What is IPO…? Initial Public Offer IPO or Initial Public Offer is a way for a company to raise money from investors for its future projects and get listed to Stock Exchange
Types of Market Primary market Primary market is the market where shares are offered to investors by the issuer company to raise their capital. Secondary market Secondary market is the market where stocks are traded after they are initially offered to the investor in primary market (IPO's etc.) and get listed to stock exchange. Secondary market comprises of equity markets and the debt markets.
Who can apply for IPO Retail Individual Investor (RII) In retail individual investor category, investors can not apply for more then Rs Two lakh (Rs 2,00,000) in an IPO. Retail Individual investors have an allocation of 35% of shares of the total issue size in Book Build IPO's. NRI's who apply with less then Rs 2,00,000 /- are also considered as RII category. High Networth Individual (HNI) If retail investor applies more than Rs 2,00,000 /- of shares in an IPO, they are considered as HNI.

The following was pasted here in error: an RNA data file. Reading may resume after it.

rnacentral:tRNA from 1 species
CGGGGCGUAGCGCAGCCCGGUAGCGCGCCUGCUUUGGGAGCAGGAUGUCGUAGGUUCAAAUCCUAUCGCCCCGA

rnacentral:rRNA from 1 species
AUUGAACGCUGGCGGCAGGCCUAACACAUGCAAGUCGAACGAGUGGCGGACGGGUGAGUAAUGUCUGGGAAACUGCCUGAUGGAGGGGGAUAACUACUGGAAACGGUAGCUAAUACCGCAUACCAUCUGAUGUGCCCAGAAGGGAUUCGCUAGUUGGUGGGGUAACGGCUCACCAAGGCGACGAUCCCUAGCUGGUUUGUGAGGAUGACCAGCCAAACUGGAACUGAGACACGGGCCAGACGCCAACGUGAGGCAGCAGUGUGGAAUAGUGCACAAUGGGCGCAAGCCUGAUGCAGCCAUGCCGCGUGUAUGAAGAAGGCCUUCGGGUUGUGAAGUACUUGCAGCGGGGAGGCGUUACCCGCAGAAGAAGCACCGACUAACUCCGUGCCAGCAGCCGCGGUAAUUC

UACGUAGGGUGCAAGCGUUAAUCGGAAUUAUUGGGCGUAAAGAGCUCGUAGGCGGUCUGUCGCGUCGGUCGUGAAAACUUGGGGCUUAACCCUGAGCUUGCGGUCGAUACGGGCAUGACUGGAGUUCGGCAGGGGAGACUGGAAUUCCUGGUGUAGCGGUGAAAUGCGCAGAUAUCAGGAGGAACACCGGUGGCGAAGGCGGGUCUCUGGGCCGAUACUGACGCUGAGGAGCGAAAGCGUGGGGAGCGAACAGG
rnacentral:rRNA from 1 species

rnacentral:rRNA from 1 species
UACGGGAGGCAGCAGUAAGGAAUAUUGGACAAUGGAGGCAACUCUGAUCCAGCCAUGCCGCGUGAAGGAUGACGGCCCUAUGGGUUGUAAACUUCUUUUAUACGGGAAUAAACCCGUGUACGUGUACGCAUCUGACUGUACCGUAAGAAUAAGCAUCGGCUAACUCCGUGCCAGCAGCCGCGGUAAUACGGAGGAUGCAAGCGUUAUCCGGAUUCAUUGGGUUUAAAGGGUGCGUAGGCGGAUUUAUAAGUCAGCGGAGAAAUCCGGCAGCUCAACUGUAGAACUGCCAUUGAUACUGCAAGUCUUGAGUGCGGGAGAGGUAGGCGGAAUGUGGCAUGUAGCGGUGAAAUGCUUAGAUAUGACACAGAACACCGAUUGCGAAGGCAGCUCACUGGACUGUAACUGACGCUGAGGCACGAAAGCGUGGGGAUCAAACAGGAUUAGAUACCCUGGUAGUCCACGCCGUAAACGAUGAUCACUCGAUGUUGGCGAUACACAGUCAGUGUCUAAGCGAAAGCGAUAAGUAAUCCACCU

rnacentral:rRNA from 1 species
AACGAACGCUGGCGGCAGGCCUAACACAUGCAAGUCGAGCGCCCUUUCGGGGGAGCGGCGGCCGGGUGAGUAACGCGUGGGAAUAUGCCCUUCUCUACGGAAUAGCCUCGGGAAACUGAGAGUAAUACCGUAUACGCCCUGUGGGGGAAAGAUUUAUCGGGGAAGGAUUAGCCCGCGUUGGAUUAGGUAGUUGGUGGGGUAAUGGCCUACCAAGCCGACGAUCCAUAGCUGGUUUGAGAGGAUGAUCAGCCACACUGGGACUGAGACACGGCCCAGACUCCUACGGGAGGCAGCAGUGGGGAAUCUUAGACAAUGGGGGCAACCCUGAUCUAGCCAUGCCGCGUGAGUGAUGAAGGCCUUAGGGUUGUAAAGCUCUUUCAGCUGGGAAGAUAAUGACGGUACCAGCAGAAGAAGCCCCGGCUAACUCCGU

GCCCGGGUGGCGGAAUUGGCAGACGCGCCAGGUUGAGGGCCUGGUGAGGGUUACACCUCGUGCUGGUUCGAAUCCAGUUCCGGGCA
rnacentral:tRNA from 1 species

Individual investors, NRI's, companies, trusts etc who bid for more then Rs 2 lakhs are known as Non-institutional bidders. They need not to register with SEBI like RII's. Non-institutional bidders have an allocation of 15% of shares of the total issue size in Book Build IPO's. Non – institutional bidders
Financial Institutions, Banks, FII's and Mutual Funds who are registered with SEBI are called QIB's. They usually apply in very high quantities. QIBs are mostly representatives of small investors who invest through mutual funds, ULIP schemes of insurance companies and pension schemes. QIB's have an allocation of 50% of shares of the total issue size in Book Build IPO's. In a book built issue allocation to Retail Individual Investors (RIIs), Non Institutional Investors (NIIs) and Qualified Institutional Buyers (QIBs) is in the ratio of 35:15: 50 respectively. QIB's are prohibited by SEBI guidelines to withdraw their bids after the close of the IPOs. Retail and non-institutional bidders are permitted to withdraw their bids until the day of allotment. QIB's are prohibited by SEBI guidelines to withdraw their bids after the close of the IPOs. Retail and non-institutional bidders are permitted to withdraw their bids until the day of allotment. Qualified Institutional Bidders (QIB's)